I don’t game, but I loved Arcane

An understanding of the online game League of Legends is not required to appreciate the new Netflix show’s masterful storytelling and animation.


Tate Hildyard

Photo illustration by Tate Hildyard

Josie Fischels, Managing Editor

I’ve never played League of Legends — my passion for gaming extends only about as far as my poor Mario Kart skills. 

So when my friends who do play the online game urged me to watch Arcane on Netflix, I had my doubts. I had no knowledge of how League of Legends was played, who the playable characters were in it, and the animated style of the series made me impulsively react in the cringeworthy “I’m too cool for this,” way that bars so many of us from good content. 

Alas, reader, she was not too cool for this. 

Arcane is the origin story of two League of Legends champions, Vi (voiced by Hailee Steinfeld) and Jinx (voiced by Ella Purnell), and it serves as a prequel to the game itself. The protagonist sisters, who find themselves fighting on opposite sides of an impending war between worlds, must navigate loss, corruption, and betrayal within their ultimate struggle to reunite. Along the way, dozens of other LoL champions make appearances, which I’m sure was even more exciting for actual LoL fans than it was for me, who spent a lot of the show Googling, “List of League of Legends champions” to get some background on each character.

But even had I not, I still would have understood the show perfectly. From the moment I settled in to test Arcane’s waters, I was immersed. I latched onto the irresistibly likable characters and the perfectly paced storyline, all set against the beautifully constructed and illustrated twin worlds of Piltover and Zaun. Every scene is immensely detailed, every character is complicated and dynamic, and all of their movements are full of vivid emotion. The show’s animation is a canvas filled with gorgeous splashes of beauty and destruction — just check out the trailer to see what I mean.  

And the fight scenes? Backed by Arcane’s excellent score, they were enough to make me geek out just as much as any hardcore LoL fan. Don’t even get me started on Ekko and Jinx’s epic face-off. Aside from the Imagine Dragons cameo in episode five that seemed a bit overkill (the band is responsible for the show’s opening title song), I was thoroughly impressed.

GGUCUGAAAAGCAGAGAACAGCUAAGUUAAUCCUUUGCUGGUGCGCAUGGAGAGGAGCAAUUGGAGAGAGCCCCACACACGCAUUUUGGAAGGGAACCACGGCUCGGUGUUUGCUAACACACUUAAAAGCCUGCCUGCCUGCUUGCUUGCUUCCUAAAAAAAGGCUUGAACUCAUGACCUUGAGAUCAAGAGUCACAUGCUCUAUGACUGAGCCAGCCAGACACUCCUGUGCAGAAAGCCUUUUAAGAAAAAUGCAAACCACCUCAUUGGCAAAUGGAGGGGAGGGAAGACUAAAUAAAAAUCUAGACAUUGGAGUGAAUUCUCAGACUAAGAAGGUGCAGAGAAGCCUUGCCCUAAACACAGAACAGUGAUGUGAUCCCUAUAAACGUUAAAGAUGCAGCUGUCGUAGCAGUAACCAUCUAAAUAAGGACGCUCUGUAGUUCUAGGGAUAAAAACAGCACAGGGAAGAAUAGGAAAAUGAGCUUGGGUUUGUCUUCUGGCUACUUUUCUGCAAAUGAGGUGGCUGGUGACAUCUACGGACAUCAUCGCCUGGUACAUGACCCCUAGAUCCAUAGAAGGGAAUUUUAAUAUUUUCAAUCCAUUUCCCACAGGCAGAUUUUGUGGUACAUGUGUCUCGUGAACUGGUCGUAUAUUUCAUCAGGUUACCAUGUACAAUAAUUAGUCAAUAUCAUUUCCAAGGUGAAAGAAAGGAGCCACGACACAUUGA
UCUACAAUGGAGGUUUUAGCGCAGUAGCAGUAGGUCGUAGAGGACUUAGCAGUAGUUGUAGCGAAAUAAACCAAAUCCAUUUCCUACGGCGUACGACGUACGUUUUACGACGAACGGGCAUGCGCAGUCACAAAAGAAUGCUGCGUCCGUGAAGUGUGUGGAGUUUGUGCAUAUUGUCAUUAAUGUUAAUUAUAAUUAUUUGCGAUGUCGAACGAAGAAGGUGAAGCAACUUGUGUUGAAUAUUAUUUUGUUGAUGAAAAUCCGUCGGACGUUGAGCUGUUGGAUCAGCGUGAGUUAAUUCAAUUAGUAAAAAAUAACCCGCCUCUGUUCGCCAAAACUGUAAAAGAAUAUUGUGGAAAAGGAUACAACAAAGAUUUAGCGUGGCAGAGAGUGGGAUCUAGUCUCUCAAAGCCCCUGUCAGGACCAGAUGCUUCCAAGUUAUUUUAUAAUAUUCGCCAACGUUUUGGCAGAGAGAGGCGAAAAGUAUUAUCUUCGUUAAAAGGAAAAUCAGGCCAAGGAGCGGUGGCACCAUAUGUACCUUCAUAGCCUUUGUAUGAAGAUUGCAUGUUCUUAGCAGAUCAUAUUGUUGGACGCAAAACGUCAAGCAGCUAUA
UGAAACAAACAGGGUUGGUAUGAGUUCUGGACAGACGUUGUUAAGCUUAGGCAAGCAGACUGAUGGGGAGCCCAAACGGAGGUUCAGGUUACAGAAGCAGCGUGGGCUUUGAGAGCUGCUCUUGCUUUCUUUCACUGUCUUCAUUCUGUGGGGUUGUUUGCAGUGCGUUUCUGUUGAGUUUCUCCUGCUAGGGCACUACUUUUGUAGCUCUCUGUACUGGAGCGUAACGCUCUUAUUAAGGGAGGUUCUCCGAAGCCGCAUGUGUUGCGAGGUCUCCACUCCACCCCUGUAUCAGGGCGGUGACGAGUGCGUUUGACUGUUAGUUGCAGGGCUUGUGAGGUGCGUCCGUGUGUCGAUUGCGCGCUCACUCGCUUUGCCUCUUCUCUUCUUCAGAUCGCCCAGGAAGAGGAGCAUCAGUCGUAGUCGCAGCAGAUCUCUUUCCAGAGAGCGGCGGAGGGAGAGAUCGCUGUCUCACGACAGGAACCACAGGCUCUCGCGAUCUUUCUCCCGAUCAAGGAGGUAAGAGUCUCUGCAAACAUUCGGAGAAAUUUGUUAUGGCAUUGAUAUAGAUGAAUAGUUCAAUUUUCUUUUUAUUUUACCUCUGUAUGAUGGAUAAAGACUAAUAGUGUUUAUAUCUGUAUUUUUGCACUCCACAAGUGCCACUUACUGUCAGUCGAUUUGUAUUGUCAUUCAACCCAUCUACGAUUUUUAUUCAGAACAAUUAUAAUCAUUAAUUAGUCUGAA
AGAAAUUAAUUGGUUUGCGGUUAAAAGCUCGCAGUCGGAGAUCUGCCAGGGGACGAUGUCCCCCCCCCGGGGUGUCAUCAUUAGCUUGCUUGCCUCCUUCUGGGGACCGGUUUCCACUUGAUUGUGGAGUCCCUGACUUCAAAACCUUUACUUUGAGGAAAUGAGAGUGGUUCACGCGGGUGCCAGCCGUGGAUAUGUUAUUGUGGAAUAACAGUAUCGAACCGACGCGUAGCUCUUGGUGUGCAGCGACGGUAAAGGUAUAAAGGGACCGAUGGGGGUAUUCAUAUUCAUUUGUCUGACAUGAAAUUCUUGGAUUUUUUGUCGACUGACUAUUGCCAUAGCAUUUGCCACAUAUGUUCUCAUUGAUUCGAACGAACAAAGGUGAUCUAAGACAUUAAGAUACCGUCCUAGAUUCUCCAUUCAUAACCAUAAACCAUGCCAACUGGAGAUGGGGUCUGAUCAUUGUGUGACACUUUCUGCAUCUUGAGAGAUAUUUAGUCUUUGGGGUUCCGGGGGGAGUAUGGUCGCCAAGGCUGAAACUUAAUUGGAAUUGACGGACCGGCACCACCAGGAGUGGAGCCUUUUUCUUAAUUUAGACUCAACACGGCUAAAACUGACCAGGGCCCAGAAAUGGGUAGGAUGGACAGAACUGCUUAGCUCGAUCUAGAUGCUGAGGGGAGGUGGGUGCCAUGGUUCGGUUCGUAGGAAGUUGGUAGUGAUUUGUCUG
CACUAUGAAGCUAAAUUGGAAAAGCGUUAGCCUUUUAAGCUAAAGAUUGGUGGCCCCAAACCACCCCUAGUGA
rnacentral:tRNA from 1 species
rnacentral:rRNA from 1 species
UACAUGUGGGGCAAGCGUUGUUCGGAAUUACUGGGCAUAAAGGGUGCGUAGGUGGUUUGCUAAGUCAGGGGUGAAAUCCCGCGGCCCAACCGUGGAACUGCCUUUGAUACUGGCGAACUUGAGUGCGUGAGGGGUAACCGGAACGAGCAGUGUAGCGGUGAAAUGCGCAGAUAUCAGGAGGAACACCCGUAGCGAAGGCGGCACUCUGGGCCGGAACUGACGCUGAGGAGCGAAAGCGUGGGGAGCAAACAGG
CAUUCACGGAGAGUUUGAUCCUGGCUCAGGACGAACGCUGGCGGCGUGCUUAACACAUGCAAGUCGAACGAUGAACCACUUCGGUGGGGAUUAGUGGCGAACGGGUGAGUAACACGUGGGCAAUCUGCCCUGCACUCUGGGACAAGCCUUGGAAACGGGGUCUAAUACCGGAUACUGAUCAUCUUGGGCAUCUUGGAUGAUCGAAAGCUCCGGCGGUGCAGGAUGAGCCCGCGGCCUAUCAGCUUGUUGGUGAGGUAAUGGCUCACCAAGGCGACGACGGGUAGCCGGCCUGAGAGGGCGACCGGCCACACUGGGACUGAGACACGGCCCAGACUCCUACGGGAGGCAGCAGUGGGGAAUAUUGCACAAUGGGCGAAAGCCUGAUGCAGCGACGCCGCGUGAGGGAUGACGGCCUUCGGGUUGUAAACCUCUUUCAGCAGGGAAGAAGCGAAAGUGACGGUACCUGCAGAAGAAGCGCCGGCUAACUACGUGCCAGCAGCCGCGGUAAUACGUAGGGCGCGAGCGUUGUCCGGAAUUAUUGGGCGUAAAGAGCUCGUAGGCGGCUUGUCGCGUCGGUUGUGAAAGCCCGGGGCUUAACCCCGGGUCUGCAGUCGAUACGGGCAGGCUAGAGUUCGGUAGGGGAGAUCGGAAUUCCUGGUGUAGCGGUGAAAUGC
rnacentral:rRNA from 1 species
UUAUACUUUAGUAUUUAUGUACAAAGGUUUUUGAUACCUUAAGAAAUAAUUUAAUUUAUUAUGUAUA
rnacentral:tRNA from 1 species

Arcane’s storyline is gripping. It balances brilliantly on the edge of PG-13; just violent enough without showing gore, and just sexy enough without relying on sex (OK except that one time — but can you blame them? Pretty much every character in this show is ridiculously hot). 

In my opinion, Arcane’s storytelling works so well because of how little exposition it needs. There is no voiceover from the protagonist at the beginning, filling us in on the complexities of the technological utopian and dystopian cities we are about to see. There are no long, drawn-out monologues from the villains that are necessary to explain their motives. Arcane simply tosses you into the fray — the game’s already excellent and expansive lore does most of its work for it.

All of this means I wasn’t surprised to learn that Riot Games’ first TV adaptation of one of their games has been met with so much success. The series has already been renewed for a second season and continues to hold a 100 percent rating among critics, according to Rotten Tomatoes.

And I can practically guarantee that not everyone who reviewed the show has played the game. So take a few hours this finals week and get lost in Arcane, you won’t regret it.